How To Use Golf Club Technology To The Fullest
One of the things all of us are “guilty” of is hitting poor shots because we are trying to hit the ball higher or lower.

That causes us to try to change our swings and approach to the ball and ends up often with a poor shot. Even for low handicap players, we don't practice enough to have a full range of shots/swings with each club. Heck, it’s hard enough to get one swing that is reasonably reliable.

But in any round of golf, there are a number of times that you think you need to hit the ball lower or higher to negotiate the wind, trees, or what have you. So, let’s examine a much easier way to achieve the goal, using the geometry of the clubs in your bag, instead of trying to “manufacture” some kind of hybrid swing that you really haven’t practiced.

To begin, let’s look at the high shot. The easiest way to get the ball to fly higher is to use a more lofted club, right ?

But if you're behind a tree, for example, and you need an 8-iron loft, but can’t get an 8-iron all the way to the green, you have other options.

The easiest is to just take a 7-iron and lay the face open a few degrees and aim a few yards left of your target. This will give you the loft of an 8-iron, but the longer shaft will give you distance more like a 7-iron.

You can even lay open a 6-iron and possibly get the results you need. The key to hitting this shot is to make sure you grip the club with the face open the desired amount, and not that you rotate the hands to open the face at address.

If you do that, your hands will return to their natural position through impact and the face will square. Laying the face open a bit is a very good way to hit high soft approach shots when you are playing firm greens, too.

On the other hand, let’s say a breeze is in your face and you want a lower shot.

Too often, golfers try to hit a “punch” shot, and what they do is pinch the ball cleaner, implying more spin and end up with an up-shooter that dies in the wind.

A much easier way to lower the trajectory of any iron is to simply take one more club and then choke down one half inch, so that it’s effective length is the same as the shorter club you were contemplating.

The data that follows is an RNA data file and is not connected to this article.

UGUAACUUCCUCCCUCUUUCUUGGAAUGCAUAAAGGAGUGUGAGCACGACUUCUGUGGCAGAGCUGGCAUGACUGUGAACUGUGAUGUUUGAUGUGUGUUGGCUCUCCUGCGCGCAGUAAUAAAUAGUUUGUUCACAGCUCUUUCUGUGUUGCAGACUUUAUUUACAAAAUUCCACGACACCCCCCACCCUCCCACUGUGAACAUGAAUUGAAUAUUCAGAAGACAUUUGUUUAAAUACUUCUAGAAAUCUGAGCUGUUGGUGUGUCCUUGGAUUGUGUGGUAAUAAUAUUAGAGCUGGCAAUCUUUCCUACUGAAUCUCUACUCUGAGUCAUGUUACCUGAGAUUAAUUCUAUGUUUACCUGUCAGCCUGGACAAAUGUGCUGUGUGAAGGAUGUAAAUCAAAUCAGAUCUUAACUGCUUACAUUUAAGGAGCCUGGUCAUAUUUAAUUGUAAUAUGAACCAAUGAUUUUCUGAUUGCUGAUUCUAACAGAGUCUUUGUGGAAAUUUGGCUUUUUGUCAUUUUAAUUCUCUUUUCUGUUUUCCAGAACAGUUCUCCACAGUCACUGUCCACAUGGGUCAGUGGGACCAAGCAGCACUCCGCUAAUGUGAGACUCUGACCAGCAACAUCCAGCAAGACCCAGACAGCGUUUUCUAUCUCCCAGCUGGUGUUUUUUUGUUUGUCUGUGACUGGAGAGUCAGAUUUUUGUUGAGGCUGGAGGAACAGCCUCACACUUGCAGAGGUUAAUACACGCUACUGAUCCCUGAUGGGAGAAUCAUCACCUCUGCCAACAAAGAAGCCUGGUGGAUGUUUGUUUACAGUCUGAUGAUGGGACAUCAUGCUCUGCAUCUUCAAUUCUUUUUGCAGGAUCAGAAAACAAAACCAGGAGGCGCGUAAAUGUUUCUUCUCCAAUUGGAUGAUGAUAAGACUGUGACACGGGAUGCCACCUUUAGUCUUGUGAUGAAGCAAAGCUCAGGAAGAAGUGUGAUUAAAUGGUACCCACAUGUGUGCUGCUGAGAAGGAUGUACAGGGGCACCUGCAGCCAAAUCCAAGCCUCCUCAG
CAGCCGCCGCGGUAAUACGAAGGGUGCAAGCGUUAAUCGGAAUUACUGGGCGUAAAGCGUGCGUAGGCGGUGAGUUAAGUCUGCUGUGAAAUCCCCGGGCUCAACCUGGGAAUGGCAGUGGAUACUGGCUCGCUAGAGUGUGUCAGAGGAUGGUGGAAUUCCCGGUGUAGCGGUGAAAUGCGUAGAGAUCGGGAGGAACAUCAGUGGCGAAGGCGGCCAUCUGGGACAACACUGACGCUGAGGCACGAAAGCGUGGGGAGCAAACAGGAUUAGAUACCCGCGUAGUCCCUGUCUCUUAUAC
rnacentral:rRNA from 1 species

Because you have the stronger club in your hands, you will tend to swing smoother, imparting less spin, so that the shot will bore into the wind much better.

Both of these shots should be practiced on the range, and it can be fun.  Hit shots with the face open varying amounts and choking up varying amounts to watch what happens to trajectory and distance.

I think you'll learn a lot about this game by doing that.
The Wedge Guy is sponsored by SCOR Golf, where Terry Koehler is President/CEO. He encourages you to submit your questions or topics to be considered for his columns on Tuesdays and Fridays. Each submission automatically enters you to win a SCOR4161 wedge to be given away monthly. Click the button below to submit your question or topic today.

[ comments ]
Mike says:
Here's where I need your "special" grips for all my clubs, as when I try this, I don't know exactly where 1/2" is and if I grip down a full inch rather than 1/2", I come up short.

I find my best success, using this method, comes when I use 2 more clubs or 2 less clubs, rather than one.

I'm sure everybody will be different and that's what range balls are for - trial, error and practice.
wedgeguy says:
Mike, Our new SCoR grips are available in package of 6 or 13, to allow regripping of your scoring clubs - 8-iron through wedges -- or your whole set. You can read more about them on our website -- Or click on the "Read More" link on the grip "slide" on the home page.

We have received rave reviews on the grips and our new book, "The SCoR Method - A Simple Way To Achieve Precision in Your Short Game."
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Terry Koehler is "The Wedge Guy" and President of SCOR Golf- The Short Game Company.

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